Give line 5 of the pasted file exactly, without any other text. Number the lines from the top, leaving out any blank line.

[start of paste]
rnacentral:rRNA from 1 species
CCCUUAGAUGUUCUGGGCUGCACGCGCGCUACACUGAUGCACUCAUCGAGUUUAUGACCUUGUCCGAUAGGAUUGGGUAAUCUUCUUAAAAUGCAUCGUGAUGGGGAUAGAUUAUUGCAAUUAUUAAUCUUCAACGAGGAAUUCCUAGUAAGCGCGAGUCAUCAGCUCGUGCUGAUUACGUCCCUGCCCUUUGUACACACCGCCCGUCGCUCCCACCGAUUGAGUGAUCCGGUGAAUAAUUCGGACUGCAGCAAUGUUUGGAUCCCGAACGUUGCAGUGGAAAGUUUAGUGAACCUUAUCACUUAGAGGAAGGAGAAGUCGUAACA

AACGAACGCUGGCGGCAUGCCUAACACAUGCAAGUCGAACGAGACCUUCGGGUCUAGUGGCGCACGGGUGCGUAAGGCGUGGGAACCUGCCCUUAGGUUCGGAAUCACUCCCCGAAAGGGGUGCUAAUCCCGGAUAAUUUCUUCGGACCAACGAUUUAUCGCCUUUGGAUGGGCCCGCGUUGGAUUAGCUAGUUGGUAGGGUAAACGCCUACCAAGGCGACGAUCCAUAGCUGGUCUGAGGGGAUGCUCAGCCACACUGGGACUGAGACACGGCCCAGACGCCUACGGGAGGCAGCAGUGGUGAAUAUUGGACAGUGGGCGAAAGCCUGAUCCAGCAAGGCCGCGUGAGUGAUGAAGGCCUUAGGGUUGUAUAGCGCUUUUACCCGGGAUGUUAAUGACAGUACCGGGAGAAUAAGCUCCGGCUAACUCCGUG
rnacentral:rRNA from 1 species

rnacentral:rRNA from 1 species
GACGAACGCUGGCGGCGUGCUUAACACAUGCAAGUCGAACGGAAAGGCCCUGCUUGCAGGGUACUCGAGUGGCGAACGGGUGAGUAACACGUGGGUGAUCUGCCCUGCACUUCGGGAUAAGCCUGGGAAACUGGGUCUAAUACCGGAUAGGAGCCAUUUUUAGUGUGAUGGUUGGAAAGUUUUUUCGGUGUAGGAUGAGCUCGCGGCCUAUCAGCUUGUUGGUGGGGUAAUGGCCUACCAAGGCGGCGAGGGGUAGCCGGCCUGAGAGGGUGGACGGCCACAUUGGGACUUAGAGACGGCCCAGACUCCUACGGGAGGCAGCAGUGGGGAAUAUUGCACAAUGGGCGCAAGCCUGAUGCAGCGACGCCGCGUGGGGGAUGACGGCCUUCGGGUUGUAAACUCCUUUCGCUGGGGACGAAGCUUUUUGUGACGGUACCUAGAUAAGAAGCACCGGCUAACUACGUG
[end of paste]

rnacentral:rRNA from 1 species